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Baby Teething: When does it start and what to expect?

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Teething is a significant milestone, and it’s not just one milestone; there are several stages of teething! The eruption of baby teeth varies from child to child, like all developmental stages, but there are standard age ranges where specific teeth tend to arrive! Your child’s dentist will use a baby teeth chart once they begin regular dental checkups. But before then, you can use the Baby Daybook teething tracker to log each new tooth! In this article, we’ll help you understand everything you need to know about your baby teething, from teething symptoms to how to use a baby teeth tracker!

Download now!
Is your baby teething? Keep track of each new tooth with the Baby Daybook Teething Tracker! From understanding the teething timeline to tracking those adorable little teeth, we’ve got you covered.

When Does Teething Start?

Most babies are born without teeth. In rare cases (one in every 200,000 births), some newborns are born with one or two teeth called neonatal teeth. Neonatal teeth are extremely rare and can be caused by a handful of different issues or conditions. If this occurs, your baby’s pediatrician will guide you on the best course of action.

The chances of your baby being born with any teeth are slim. Typically, baby teething begins between five and seven months old, with some babies as early as four months and some a little later.

By the time your baby is 18 months, it should have between eight and twelve erupted teeth. Use the teething tracker in the Baby Daybook App to keep track of each tooth as it erupts. There, you can log which teeth your baby has, any teething symptoms you’ve noticed.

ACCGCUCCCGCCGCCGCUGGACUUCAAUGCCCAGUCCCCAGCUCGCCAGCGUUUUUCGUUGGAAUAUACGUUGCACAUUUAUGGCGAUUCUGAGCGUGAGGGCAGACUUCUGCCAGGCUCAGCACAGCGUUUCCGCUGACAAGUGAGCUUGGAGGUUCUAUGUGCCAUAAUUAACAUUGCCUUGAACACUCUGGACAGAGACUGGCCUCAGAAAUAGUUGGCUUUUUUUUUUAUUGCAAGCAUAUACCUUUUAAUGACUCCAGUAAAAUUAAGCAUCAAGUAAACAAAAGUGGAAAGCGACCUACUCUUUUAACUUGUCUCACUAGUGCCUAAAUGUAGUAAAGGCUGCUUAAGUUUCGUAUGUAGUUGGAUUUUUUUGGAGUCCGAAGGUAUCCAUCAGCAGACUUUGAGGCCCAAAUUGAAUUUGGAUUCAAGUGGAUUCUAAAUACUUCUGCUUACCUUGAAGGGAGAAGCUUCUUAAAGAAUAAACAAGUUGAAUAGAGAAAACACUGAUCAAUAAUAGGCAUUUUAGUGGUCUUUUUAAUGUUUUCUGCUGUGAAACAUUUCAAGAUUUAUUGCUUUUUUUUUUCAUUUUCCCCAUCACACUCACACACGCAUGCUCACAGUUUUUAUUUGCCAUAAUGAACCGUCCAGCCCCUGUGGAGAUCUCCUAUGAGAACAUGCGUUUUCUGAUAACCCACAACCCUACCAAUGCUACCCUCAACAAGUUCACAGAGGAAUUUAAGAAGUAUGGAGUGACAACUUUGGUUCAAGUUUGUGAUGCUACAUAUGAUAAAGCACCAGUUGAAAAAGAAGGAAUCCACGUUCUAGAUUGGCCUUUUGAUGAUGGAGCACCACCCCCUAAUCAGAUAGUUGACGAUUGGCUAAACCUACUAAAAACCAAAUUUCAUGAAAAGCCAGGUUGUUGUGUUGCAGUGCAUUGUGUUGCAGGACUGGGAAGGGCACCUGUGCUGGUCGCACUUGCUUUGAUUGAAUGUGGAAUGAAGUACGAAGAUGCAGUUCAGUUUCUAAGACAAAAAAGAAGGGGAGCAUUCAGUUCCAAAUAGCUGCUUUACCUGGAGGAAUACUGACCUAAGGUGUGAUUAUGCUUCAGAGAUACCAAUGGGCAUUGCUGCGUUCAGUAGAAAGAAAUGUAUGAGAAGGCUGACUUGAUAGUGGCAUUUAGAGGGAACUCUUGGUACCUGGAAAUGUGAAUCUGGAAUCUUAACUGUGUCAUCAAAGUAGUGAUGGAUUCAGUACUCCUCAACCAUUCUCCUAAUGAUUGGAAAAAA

The Baby Daybook App's Teething Tracker includes a Baby Teeth Chart to help you better understand the teething process.
The Baby Teeth Chart

Stages of Teething

Not all babies will teethe in the same order; however, the eruption of teeth follows a pretty standard order. The four front teeth are typically the first to erupt: two on the bottom and two on the top.

Next come the other two top, middle, and bottom teeth, called lateral incisors. Somewhere between their first birthday and 18 months, your little one’s upper and lower first molars will come in, followed by their upper and lower canines. 

By the time your baby is two years old, you’ll have about a dozen teeth marked off on your teething tracker! By the age of three, the eruption of baby teeth is typically finished! 

Now you have a few years before they’ll begin losing teeth around six or seven years old!

The Baby Daybook app's Teething Tracker includes a Baby Teeth Chart where are Stages of teething
Stages of teething

Teething Symptoms and Signs

Teething is unpleasant, but it does not always cause problems for babies. When your little one is going through the stages of teething, some signs and symptoms may pop up before you see a tooth!

  • Drooling
  • Rash around their mouth or chin
  • Mouthing objects
  • Unusual crying or fussiness
  • Swollen or puffy gums
  • Biting objects or people
  • Refusing to eat
  • Nighttime wakings (different than before)
  • Pulling on their ear
  • Rubbing their cheek

There are some common misconceptions about teething

Teething does not cause:

  • A fever
  • Diaper rash
  • Diarrhea
  • Colds or other illnesses

If your baby is experiencing any of the above symptoms alongside teething, it is essential to have them seen by a pediatrician to diagnose and treat the illness. 

Log which teeth your baby has, any teething symptoms, and other developmental milestones in the Baby Daybook App.
Teething Tracker

Soothing a Teething Baby

Teething is uncomfortable and irritating but not necessarily painful. There are a handful of ways you can soothe their discomfort.

  • Offer rubber teething rings or cold toys to chew on; do not give them frozen toys as they hurt their gums.